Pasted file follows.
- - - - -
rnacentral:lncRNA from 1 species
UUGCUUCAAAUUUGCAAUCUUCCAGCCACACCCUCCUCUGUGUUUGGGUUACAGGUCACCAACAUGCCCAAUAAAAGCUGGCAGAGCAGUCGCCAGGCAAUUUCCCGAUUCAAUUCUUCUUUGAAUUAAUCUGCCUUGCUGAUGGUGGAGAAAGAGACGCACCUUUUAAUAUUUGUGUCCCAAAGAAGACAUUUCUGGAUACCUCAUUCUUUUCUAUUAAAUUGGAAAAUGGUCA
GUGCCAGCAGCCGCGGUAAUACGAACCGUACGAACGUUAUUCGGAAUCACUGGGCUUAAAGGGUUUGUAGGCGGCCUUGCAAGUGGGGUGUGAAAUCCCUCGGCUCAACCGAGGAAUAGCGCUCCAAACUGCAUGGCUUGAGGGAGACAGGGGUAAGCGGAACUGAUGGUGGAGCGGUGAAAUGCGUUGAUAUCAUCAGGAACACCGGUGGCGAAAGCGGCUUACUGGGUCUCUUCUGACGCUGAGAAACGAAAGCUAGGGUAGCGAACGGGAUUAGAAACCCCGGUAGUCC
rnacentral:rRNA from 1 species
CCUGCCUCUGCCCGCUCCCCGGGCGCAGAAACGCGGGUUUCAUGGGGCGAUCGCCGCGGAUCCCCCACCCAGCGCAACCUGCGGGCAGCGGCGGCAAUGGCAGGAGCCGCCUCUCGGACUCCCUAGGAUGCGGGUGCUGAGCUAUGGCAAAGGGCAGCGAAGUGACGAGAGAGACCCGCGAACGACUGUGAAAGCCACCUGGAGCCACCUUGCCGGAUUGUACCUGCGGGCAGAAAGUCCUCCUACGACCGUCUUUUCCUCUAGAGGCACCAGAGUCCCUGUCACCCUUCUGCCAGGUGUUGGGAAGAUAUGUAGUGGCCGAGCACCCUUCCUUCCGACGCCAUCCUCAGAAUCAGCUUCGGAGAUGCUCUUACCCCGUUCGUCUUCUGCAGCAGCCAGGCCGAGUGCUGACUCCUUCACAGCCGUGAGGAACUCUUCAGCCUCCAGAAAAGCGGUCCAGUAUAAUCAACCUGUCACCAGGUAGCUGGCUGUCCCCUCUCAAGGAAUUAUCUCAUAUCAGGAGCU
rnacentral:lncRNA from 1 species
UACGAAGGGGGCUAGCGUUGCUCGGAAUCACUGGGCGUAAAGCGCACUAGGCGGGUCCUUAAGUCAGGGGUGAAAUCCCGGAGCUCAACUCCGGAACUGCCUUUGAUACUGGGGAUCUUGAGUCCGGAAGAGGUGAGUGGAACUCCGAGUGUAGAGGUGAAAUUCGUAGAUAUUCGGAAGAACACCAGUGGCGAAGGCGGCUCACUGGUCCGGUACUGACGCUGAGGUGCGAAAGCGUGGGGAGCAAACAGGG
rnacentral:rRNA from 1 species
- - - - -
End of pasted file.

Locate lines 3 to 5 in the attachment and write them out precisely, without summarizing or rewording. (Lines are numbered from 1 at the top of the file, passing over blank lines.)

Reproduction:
GUGCCAGCAGCCGCGGUAAUACGAACCGUACGAACGUUAUUCGGAAUCACUGGGCUUAAAGGGUUUGUAGGCGGCCUUGCAAGUGGGGUGUGAAAUCCCUCGGCUCAACCGAGGAAUAGCGCUCCAAACUGCAUGGCUUGAGGGAGACAGGGGUAAGCGGAACUGAUGGUGGAGCGGUGAAAUGCGUUGAUAUCAUCAGGAACACCGGUGGCGAAAGCGGCUUACUGGGUCUCUUCUGACGCUGAGAAACGAAAGCUAGGGUAGCGAACGGGAUUAGAAACCCCGGUAGUCC
rnacentral:rRNA from 1 species
CCUGCCUCUGCCCGCUCCCCGGGCGCAGAAACGCGGGUUUCAUGGGGCGAUCGCCGCGGAUCCCCCACCCAGCGCAACCUGCGGGCAGCGGCGGCAAUGGCAGGAGCCGCCUCUCGGACUCCCUAGGAUGCGGGUGCUGAGCUAUGGCAAAGGGCAGCGAAGUGACGAGAGAGACCCGCGAACGACUGUGAAAGCCACCUGGAGCCACCUUGCCGGAUUGUACCUGCGGGCAGAAAGUCCUCCUACGACCGUCUUUUCCUCUAGAGGCACCAGAGUCCCUGUCACCCUUCUGCCAGGUGUUGGGAAGAUAUGUAGUGGCCGAGCACCCUUCCUUCCGACGCCAUCCUCAGAAUCAGCUUCGGAGAUGCUCUUACCCCGUUCGUCUUCUGCAGCAGCCAGGCCGAGUGCUGACUCCUUCACAGCCGUGAGGAACUCUUCAGCCUCCAGAAAAGCGGUCCAGUAUAAUCAACCUGUCACCAGGUAGCUGGCUGUCCCCUCUCAAGGAAUUAUCUCAUAUCAGGAGCU